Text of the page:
Last week, the Prime Minister’s Office issued an extraordinary announcement regarding the addition of budgets and hundreds of new doctors, nurses, and administrative staff to hospitals, news which came as a surprise to many who wondered how, if at all, the numbers could suddenly be produced. Now a new report in Israel Hayom provides the background to this announcement, describing the acrimonious debates that went on behind the scenes when senior officials from the Bennett administration met with Health Ministry and Treasury staff, along with representatives from the health system.
The revelations were made by Dr. Miki Halbertal, the director of Rambam hospital in Haifa, during conversations he held, and recorded, with other directors of state (as opposed to private) hospitals. Halbertal himself was personally involved in last week’s meetings with Prime Minister Bennett and members of the Prime Minister’s Office as well as officials from the Health Ministry and the Treasury.
During his discussions with the other hospital directors, Halbertal revealed that during one of his discussions on the ability of hospitals to cope with “thousands” of severe cases of coronavirus, “a fist-fight almost broke out,” in his words, “with senior government officials telling the senior Health Ministry officials that, ‘You are going to be reaching these numbers – so just compromise and drop your standards – it’s okay for you to do that.’”
The Health Ministry officials did not take too kindly to that suggestion, Halbertal noted, and told Bennett’s men that, “If we really reach such numbers and people start dying in the streets, no one is going to vote for you again – just think what you’re saying!”
Dr. Halbertal told the other hospital directors that, “Senior government officials then basically gave us an order for the health system to find a solution for their estimated ‘red’ scenario of 2,400 seriously ill patients. The Treasury didn’t want to provide the resources, and I told Bennett, ‘You can’t seriously expect us to find solutions when you refuse to provide the resources to do so!’ Then the discussion went back to where it started: how everyone had thought that the coronavirus was over, and now suddenly it was like, ‘Oops, we made a mistake.’ Now the hospital wards are full to bursting – not like during the third wave, and even then we reached 1,200 patients and everyone was crying and groaning – and then it all stopped with the vaccines."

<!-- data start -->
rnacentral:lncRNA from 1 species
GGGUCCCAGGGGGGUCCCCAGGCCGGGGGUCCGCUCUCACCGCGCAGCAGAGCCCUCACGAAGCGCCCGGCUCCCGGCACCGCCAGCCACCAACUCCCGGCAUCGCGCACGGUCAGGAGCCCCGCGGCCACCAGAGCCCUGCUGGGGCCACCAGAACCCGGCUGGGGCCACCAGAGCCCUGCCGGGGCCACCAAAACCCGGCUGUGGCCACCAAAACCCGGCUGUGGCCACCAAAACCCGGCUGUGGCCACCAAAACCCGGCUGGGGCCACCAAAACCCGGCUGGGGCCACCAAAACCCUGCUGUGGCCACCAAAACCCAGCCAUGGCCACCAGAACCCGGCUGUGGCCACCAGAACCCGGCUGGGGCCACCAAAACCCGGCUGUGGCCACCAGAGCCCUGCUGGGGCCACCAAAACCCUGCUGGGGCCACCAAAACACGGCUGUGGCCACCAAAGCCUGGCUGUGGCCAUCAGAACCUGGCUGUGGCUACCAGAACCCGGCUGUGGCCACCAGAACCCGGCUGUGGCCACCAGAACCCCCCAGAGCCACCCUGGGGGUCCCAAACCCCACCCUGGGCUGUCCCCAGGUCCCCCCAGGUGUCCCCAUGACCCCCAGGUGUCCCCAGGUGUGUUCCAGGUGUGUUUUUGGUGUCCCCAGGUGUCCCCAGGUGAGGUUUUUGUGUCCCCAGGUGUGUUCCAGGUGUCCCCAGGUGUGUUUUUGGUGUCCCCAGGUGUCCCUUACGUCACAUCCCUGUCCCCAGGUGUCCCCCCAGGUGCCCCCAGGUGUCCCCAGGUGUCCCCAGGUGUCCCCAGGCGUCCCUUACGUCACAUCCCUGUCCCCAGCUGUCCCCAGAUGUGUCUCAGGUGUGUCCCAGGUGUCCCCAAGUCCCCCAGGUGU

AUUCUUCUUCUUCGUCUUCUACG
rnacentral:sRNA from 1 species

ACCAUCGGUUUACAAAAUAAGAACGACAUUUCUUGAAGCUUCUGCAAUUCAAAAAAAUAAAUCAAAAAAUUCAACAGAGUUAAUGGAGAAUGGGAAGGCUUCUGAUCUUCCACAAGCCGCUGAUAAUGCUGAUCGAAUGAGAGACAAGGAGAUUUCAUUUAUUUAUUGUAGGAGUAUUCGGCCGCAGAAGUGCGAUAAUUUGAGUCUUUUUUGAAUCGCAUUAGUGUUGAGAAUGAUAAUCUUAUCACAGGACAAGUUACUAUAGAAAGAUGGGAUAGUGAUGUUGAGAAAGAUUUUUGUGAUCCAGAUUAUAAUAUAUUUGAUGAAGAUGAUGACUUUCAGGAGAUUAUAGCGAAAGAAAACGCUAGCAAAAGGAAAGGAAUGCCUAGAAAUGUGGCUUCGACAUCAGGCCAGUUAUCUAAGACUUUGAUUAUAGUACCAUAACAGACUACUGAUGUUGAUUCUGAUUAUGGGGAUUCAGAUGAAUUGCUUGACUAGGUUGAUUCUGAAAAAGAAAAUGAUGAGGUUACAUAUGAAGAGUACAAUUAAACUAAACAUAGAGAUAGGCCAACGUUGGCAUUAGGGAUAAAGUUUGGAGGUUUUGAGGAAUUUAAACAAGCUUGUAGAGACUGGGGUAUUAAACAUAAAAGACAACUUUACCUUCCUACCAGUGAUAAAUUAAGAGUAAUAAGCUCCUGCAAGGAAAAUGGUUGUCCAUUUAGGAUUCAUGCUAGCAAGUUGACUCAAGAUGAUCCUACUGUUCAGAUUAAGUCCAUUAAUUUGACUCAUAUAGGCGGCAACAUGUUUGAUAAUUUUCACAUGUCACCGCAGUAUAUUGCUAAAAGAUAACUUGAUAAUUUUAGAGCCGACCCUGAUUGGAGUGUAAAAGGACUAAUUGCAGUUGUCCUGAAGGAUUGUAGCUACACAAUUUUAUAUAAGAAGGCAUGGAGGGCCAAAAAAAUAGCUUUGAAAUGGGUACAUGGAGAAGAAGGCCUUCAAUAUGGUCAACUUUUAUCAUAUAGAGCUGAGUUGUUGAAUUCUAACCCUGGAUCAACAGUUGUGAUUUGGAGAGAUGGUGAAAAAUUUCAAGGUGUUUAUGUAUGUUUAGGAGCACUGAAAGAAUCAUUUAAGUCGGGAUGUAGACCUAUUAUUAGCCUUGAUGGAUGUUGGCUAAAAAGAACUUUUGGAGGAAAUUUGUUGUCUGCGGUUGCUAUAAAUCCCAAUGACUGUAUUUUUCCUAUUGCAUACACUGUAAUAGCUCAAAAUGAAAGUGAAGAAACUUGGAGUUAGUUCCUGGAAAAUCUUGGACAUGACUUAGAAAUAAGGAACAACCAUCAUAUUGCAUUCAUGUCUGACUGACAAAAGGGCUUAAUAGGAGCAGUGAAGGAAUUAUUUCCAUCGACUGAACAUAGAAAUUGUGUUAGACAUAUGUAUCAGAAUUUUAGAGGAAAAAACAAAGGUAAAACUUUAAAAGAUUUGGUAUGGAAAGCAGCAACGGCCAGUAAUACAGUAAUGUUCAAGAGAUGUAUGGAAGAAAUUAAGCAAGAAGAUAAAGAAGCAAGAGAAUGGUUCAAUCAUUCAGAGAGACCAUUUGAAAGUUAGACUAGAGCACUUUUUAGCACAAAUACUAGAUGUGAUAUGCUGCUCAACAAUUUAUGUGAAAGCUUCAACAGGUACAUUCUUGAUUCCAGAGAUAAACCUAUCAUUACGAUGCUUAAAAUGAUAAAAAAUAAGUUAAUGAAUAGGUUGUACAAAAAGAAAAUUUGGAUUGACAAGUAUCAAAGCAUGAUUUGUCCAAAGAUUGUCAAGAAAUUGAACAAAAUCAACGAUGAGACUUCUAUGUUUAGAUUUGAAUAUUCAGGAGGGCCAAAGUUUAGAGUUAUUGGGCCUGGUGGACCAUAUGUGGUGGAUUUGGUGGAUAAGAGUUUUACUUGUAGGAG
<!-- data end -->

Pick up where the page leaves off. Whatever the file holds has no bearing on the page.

“During one of the discussions,” Halbertal continued, “I told them that in the current situation, we were not capable of finding a solution for even 1,200 seriously ill patients – that in Rambam, for instance, we had just 60 beds – and they told me that I would simply have to find 270 beds and I told him that it’s just not possible.”
Halbertal noted that, “There was one discussion during which they were putting immense pressure on Prof. Nachman Ash, the director-general of the Health Ministry. That also almost ended up in a brawl when they demanded that he come up with a solution to provide 2,400 beds and I said that we couldn’t do it. They told me that they were willing to provide more manpower, but only for a month, in order to get over the current wave. Nachman told me, ‘Listen, we can’t deal with a situation in which the Health Ministry drops the ball and it causes a lockdown.’ I also told Bennett that the current budget threw the state-run hospitals to the dogs. I said that I simply lacked the resources to give him the solution he was demanding, and that if I didn’t speak up and say so, then the doctors and nurses would. Everyone was exhausted with the situation and we had no one willing to keep on struggling the way we were already.”
Approached for comment, a spokesperson for Rambam hospital gave over a statement in Dr. Halbertal’s name: “I will not comment on what was said during private discussions between the managers of state hospitals.”
A statement put out by the Health Ministry said that: “We deny that such words were spoken,” and the response of the Prime Minister’s Office was along the same lines.